What made for a real cultural mash-up and a surprising delight was the music I happened to be listening to while wandering around. Growing up in Texas in a Hispanic neighborhood I was constantly exposed to Tejano music, but not until recently have I become open minded enough enjoy it, and in a recent bout of homesickness and sentimentality I started downloading what I could find. The real jewel is the group ‘Los Tigres del Norte’, who are possibly the kings of Norteno music. Anyway, this is what I was listening to while I was taking these pictures. One of my favorites by this group is called ‘Somos mas americanos’, which has a chorus that translates as “we are more American than any son of the Anglo-Saxon” Here’s a video someone made for youtube with English translations

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I was asked to write something for our dojo’s newsletter about this years excursion to Hyogo Prefecture for Aikido Kobe Sanda Dojo’s annual ”embukai’. Here’s the full text with some pictures.  For those of you who don’t do Aikido I apologize for all the jargon.  If anyone really wants to know what it all means just send me a line and I’ll be happy to define all my terms.

yoko sensei

Seven o’clock is for me a very early time to be anywhere but in bed. Actually, I can’t even remember waking up that early in the year and a half I’ve been living in Japan.  But of course, I knew that the early rising would be worth it, for I had heard good things about Aikido Kyoto’s annual expeditions to Sanda, where we train with a guest teacher from Aikikai’s HQ and participate in an enbu, a kind of performance where each dojo gets a few minutes to showcase several techniques. I was curious to see if the rumors were true about the man-mountain, Horii-sensei, and his irresistible nikkyo.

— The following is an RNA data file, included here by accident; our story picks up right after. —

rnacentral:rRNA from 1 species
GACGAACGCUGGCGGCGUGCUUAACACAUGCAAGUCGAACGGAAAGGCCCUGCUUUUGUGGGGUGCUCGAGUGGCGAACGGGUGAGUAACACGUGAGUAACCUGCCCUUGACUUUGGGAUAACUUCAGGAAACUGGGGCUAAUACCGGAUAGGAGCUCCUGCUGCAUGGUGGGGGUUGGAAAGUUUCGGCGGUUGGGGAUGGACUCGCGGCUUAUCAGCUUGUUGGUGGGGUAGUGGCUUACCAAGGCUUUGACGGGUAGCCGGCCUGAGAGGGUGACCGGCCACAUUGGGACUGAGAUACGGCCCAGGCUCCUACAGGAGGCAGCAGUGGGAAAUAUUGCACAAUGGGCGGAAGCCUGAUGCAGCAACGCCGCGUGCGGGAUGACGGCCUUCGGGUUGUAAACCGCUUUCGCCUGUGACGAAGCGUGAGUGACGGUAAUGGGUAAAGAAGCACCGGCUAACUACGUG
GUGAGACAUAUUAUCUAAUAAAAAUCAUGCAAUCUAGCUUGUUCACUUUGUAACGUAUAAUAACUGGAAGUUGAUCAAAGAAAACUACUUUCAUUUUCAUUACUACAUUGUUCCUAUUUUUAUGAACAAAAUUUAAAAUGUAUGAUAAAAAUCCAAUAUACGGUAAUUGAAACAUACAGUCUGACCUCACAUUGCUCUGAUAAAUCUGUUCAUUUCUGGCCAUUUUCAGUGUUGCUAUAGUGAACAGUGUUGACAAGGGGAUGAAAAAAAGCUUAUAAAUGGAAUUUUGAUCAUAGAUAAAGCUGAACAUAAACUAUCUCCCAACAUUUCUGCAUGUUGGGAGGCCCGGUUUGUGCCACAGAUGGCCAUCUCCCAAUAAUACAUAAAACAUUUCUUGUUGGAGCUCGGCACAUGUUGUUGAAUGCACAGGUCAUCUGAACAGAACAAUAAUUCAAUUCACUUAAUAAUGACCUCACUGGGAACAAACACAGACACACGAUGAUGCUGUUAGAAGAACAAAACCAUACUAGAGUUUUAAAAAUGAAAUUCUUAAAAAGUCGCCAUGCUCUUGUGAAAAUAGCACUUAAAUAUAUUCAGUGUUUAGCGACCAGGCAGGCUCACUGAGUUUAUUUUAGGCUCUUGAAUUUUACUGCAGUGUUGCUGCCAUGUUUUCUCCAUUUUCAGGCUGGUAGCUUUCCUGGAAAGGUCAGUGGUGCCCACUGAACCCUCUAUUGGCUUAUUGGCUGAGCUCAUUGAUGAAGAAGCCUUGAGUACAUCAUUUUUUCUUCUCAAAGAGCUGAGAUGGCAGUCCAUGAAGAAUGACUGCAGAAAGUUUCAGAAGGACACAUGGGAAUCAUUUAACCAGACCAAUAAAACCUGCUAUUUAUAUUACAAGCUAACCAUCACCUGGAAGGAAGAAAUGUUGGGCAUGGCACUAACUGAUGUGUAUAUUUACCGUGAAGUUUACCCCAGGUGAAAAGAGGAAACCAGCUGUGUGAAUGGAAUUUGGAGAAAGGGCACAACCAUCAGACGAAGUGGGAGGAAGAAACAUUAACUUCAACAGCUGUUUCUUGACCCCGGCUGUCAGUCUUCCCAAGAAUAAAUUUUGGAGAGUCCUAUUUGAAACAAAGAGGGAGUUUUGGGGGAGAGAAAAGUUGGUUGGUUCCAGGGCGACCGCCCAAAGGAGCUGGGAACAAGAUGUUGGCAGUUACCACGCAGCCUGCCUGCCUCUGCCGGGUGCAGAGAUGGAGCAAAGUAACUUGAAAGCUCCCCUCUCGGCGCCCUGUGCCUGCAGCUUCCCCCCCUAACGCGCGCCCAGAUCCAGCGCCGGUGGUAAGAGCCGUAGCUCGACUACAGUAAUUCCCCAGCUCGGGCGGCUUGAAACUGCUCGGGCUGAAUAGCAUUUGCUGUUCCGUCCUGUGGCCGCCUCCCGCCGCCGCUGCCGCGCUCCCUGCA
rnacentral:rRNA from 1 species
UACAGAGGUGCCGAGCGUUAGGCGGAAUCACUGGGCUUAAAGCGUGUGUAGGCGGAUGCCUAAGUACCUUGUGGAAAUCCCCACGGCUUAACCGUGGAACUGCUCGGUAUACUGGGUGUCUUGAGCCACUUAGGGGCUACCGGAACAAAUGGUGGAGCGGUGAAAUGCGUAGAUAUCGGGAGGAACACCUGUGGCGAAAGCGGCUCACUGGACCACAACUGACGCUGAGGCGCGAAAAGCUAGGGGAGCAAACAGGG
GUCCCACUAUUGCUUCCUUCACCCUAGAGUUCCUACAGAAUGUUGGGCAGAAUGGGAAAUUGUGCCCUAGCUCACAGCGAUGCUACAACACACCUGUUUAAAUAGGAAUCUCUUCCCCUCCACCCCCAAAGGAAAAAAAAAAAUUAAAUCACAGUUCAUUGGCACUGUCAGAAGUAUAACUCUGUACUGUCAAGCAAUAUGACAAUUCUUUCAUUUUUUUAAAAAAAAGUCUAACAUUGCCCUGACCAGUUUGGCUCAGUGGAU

Because I had failed to touch bases with anyone about where we were meeting, I was anxiously peering up and down the length of the station platform at a few minutes past seven, when I spotted the group led by Asako-san descending the stairs to catch the early southbound train. We said hello and were soon on our way. After what seemed like a lifetime of watching the unchanging urban landscape of Osaka and Kobe we finally broke out of the city into refreshing scenes of the mountains and greenery of rural Hyogo Prefecture. I was finally starting to wake up a little at this point, and I felt a tingle of excitement, for I knew we were near our destination. It was at the JR Station at Sanda that we rendezvoused with Okamoto-sensei’s group, and from here we proceeded to the gymnasium by taxi.

On the way I asked someone in the backseat who had trained at Hombu-dojo what today’s guest instructor, Miyamoto-sensei, was like. “He drinks more than any other teacher at hombu,” was the response that stuck out in my mind. I also heard that he was similar in style to Chiba-sensei in San Diego, and that Didier-sensei and “Manolo” from San Diego Aikikai had accompanied him from Tokyo. As we filed in to the gym, everyone bowed to and formally greeted a slightly grizzled looking man with salt-and-pepper hair, standing outside the main entrance in a cloud of cigarette smoke, sporting a goatee and a sharp grey suit. “Is that him?” I asked and received a nod. We were shown to the changing rooms and afterwards trickled slowly into the main hall to warm up and wait patiently for the class to begin. It was around this time that I noticed Okamoto-sensei had a white obi sticking out from the bindings of her hakama, and that her hakama said “Yu” instead of “Okamoto.” Apparently her gear hadn’t made it off the train with her, and she had to borrow a uniform piecemeal.